Some of the noteworthy places we would like to share are as follows:
- Sunset Motel on the Bay, the only place we'll stay in Munising.
- Brownstone Inn, Au Train, Michigan -- a fabulous restaurant and essential stop.
- West Bay Diner, Grand Marais, Michigan -- out-of-this-world good food worthy of the trip itself!
- Marquette Food Co-op -- rocking selection of foods for organic eaters and vegans.
- Pictured Rocks Cruises, which are awesome if the weather cooperates.
- D&M Subs, Escanaba, MI -- a great sub to fill you for days.
- Seguins Cheese -- CHEESE!
On to the trip!
I overpacked. As usual.
Part of the reason I bought a Toyota Matrix was because the back seats fold down, as well as the front passenger seat, and they create a flat surface for cargo that smoothly goes from trunk door to glovebox. If not for B.E., I would’ve filled the passenger seat as well. 10 days is a long time, particularly when we were going to have a full kitchen in our motel room at the Sunset Motel on the Bay, and I had to bring groceries. Why not overpack food as well as the other supplies?
On the way up, construction ruled and we were rerouted a few times thanks to Wisconsin’s good use of the stimulus money. Already slow WI drivers were slowed even more, and whenever I began swearing and yelling at someone in front of me, B.E. took a picture of their car to document the road enemies. Somehow, this was comforting.
By the time we made it to Escanaba, we’d stopped only at the rest stop south of Sturgeon Bay and at Seguins for some cheese, so we were ready for food and relaxation. Rain had come and gone a few times when we made it to D&M Subs, which has the best, heaviest, biggest sandwiches that make for two to three meals (or more). When we got to the marina in Escanaba for an in-the-car picnic, there was a beautiful rainbow over the water.
Then I had to poop. I have a thing about having a decent toilet so we departed, hoping to get to Munising, an hour away, quickly.
B.E. took this picture of cows in a pocket of sun, which I love, from the road somewhere around Trenary.
We made it before dark and checked into our room.
Cute room. This was our spectacular view from the front window.
This was our delightful little kitchen, where I’d be cooking multiple meals each day, and then washing dishes each night. Just like home!
The following side-trips are listed alphabetically for my convenience instead of chronologically.
Au Train Falls:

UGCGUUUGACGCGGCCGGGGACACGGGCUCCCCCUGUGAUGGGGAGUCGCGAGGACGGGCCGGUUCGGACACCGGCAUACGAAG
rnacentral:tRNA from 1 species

On the way to Au Train Falls we stopped at Forest Lake, which felt very bereft of life to me, though B.E. found it fun. As we left the area to get to the falls, a slowly waddling creature ambled across the dirt road ahead of us. I couldn’t tell immediately what it was, but it was exciting. It turns out it was a porcupine. My first! Very slowly he moseyed into the woods and up a tree. I didn’t know they could climb, but he was slightly quicker climbing than he was at walking. B.E. had jumped out of the car and followed him into the woods, which is probably what propelled him up the tree with speed (well, porcupine speed), and he didn’t slow down until he was near the top. What a cutie!
Au Train Fall is nice, but my favorite part of the visit is the Wall of Ook, which is about a 10-foot tall wall of rock that is oozing and dripping water from above. The constant water feed has turned the rockwall into a living thing, with dangling algae, moss and other plantlife, totally fascinating.
The falls themselves were not very dramatic while we were there, despite the large amounts of rainfall in the area lately. There were small segments where the water runs constantly, leaving more green ook all over the rocky bottom.
It appears that the water is green.
Not many leaves had turned yet, but occasionally there were signs of autumn being present.
We walked a little down the river, but there was little water flowing. After revisiting the Wall of Ook, we headed to our next adventure.
The Bay Furnace in Christmas, MI is an old remnant of the times when smelting pig iron took place in this region, and not only is the structure charming, but the beach is strewn with colorful and sharp slag, which I find enthralling.
On the way to the old furnace, we passed a sentinel. A cute one. With a big fuzzy tail.
The building itself has been restored throughout the years, yet there are areas where the decay is winning.
Slag is everywhere on the beach, in crystalline and irregular shapes, in shades of black, purple, green, and rarely, blue.
Someone before us had collected many pieces of slag and left their collection on the stairway leading from the furnace down to the water’s edge.
Rare, blue slag.
Closeups are always better.
Note the multiple colors that compose the sand in this area.
I would imagine that on a warm day this is a delightful spot. On an unseasonably cold day, it was still nice, but getting back to the warm car was nicer.
The Sand Point Marsh Trail is a wonderful walk on a boardwalk through some wetlands where it seems like you would see lots of animals, but we rarely do. The view is quite lovely though.
At the edge of the water is a beaver lodge. I don't think anyone lives there anymore, but we couldn't walk up and knock on the door.
We call these mossburgers. They're everywhere.
Red pine bark: one of my favorite things in the world. The colors are my favorites and these trees are simply magnificent.
As I stood looking for more signs of life, a turtle, a duck, something, B.E. snapped this reflection shot of me in the water.
Again, we only saw a few ducks, but it didn't take away from the fun of the walk. And B.E. is always straggling behind, inspecting fungi and wintergreen. Forestry major, you know.